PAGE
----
It’s generally accepted we will lose muscle strength and slow down as we age, making it more difficult to perform simple tasks such as getting up, walking and sitting down.
But new Edith Cowan University (ECU) research indicates this could also be a signal for another sinister health concern of ageing: late-life dementia.
To investigate the relationship between muscle function and dementia, the research teams from ECU’s Nutrition & Health Innovation Research Institute and Centre for Precision Health used data from the Perth Longitudinal Study of Ageing in Women to examine more than 1000 women with an average age of 75.
In collaboration with the University of Western Australia, the team measured the women’s grip strength and the time it took for them to rise from a chair, walk three metres, turn around and sit back down — known as a timed-up-and-go (TUG), test.
These tests were repeated after five years to monitor any loss of performance.
Over the next 15 years, almost 17 per cent of women involved in the study were found to have had a dementia event, categorised as a dementia-related hospitalisation or death.
The team found lower grip strength and slower TUG were significant risk factors for presenting with dementia, independent of genetic risk and lifestyle factors such as smoking, alcohol intake and physical activity levels.
The women with the weakest grip strength were found to be more than twice as likely to have a late-life dementia event than the strongest individuals.
A similar relationship emerged between TUG performance and dementia, with the slowest in their TUG test more than twice as likely to experience dementia than the quickest.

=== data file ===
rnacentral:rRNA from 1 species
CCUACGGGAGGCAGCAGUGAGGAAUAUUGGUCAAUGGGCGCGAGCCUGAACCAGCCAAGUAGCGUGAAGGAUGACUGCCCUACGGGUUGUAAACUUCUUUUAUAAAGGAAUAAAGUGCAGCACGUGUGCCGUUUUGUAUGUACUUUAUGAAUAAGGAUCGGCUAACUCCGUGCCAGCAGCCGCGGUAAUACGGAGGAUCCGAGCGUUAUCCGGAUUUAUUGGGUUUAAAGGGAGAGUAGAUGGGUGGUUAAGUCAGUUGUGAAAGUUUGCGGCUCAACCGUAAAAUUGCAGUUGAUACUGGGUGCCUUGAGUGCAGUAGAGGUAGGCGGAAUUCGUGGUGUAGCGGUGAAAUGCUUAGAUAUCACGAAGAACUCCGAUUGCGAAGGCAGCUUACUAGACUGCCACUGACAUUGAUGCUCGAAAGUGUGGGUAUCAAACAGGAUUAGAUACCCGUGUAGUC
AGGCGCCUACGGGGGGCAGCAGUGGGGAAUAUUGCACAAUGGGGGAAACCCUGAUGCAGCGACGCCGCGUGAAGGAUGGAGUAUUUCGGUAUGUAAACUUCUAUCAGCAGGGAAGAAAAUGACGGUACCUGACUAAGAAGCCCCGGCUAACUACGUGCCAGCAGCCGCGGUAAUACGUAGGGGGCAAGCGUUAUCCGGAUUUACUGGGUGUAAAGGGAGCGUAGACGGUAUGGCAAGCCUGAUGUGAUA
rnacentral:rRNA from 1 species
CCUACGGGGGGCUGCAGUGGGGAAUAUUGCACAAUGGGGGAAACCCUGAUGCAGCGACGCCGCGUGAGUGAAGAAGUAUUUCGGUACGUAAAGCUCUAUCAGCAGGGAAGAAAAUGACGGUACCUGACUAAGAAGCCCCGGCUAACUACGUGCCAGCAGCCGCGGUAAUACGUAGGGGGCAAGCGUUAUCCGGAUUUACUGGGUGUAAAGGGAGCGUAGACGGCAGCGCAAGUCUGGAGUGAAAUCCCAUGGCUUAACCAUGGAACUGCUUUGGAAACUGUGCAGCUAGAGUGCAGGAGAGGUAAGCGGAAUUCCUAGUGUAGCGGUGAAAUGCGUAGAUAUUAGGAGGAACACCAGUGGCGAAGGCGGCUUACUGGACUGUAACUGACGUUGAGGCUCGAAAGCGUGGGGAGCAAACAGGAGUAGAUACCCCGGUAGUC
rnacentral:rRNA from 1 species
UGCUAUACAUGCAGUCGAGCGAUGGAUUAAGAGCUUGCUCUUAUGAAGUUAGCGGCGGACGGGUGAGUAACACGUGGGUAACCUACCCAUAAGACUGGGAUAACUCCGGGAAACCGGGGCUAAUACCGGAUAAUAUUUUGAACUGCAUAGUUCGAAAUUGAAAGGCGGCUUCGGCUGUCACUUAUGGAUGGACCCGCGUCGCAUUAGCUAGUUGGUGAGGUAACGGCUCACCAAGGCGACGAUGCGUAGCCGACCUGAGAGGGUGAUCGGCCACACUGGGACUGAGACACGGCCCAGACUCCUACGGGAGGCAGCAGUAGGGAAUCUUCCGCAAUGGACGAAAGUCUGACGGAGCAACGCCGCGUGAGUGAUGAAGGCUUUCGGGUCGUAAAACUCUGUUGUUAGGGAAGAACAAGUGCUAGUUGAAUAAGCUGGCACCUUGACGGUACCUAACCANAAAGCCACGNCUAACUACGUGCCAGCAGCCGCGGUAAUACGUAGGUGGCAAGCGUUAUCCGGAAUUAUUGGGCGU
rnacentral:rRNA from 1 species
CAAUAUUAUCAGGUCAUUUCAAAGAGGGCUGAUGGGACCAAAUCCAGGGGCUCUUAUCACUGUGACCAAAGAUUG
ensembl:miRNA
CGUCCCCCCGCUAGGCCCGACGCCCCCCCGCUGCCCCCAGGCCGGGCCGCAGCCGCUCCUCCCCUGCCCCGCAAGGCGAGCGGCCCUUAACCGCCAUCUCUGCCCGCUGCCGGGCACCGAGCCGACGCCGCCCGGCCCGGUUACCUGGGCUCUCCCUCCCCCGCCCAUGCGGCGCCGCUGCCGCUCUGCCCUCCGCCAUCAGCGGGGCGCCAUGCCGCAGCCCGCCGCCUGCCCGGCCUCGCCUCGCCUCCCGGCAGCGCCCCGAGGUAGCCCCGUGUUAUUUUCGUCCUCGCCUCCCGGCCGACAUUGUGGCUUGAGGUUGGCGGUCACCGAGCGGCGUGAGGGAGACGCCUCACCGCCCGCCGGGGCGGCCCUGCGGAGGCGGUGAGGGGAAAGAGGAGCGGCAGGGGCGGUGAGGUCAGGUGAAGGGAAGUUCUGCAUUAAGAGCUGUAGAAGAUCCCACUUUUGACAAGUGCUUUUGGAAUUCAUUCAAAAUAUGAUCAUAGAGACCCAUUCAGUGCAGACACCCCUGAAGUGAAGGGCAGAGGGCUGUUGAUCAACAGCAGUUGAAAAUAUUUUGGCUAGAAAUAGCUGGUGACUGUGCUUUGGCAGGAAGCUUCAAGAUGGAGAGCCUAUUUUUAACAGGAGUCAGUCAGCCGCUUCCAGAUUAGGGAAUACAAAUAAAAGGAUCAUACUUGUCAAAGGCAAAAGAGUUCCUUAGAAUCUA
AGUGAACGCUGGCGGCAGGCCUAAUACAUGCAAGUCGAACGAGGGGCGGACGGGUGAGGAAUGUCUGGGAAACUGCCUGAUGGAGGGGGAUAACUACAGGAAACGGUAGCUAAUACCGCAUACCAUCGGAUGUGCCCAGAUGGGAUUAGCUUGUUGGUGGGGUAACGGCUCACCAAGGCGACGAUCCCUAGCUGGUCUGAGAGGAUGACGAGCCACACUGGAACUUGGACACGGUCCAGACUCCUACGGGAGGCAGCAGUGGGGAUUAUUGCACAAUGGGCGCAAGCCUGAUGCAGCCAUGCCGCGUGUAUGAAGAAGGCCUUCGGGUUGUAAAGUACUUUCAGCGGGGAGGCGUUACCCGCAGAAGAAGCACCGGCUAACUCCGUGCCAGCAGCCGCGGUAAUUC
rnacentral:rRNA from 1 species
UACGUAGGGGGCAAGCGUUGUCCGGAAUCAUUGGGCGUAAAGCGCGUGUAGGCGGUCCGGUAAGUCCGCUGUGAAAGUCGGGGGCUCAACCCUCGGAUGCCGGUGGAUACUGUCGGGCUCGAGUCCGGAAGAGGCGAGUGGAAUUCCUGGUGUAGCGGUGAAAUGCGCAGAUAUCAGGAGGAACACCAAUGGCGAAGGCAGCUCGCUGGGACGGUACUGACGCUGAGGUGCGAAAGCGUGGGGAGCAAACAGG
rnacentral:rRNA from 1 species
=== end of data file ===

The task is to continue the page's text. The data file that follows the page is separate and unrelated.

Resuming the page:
When researchers looked at the changes in grip strength and TUG test results after five years, a decrease in performance was also linked with greater dementia risk.
Those who had experienced the biggest decline in grip strength and TUG speed were approximately 2 and 2.5 times more likely, respectively, to have had a dementia event, compared to those in the group who recorded the smallest decline in performance.
Women with the biggest drop in TUG performance were found to be over four times more likely to have a dementia-related death than the fastest.
An early warning
Senior researcher Dr Marc Sim said grip strength, which can be easily measured using a handheld device known as a dynamometer, may be a measure of brain health due to the overlapping nature of cognitive and motor decline.
“Possibly due to a range of underlying similarities, grip strength may also present as a
surrogate measure of cardiovascular disease, inflammation and frailty, which are known risk factors for dementia,” Dr Sim said.
Dr Sim said the findings from the study could help health professionals to identify dementia risk in patients earlier.
“Both grip strength and TUG tests aren’t commonly performed in clinical practice, but both are inexpensive and simple screening tools,” he said.
“Incorporating muscle function tests as part of dementia screening could be useful to identify high-risk individuals, who might then benefit from primary prevention programs aimed at preventing the onset of the condition such as a healthy diet and a physically active lifestyle.
“The exciting findings were that decline in these measures was associated with substantially higher risk, suggesting that if we can halt this decline, we may be able to prevent late-life dementias. However, further research is needed in this area.”
Centre for Precision Health Director Professor Simon Laws said there has been encouraging progress in identifying early warning signs of dementia.
“We are now starting to see a number of simple yet indicative screening assessments that could be combined with other biological and clinical measures to provide a holistic risk-profile for individuals presenting to their GP with, for example, memory concerns,” he said.
‘Impaired muscle function, including its decline, is related to greater long-term late-life dementia risk in older women’ was published in the Journal of Cachexia, Sarcopenia and Muscle.
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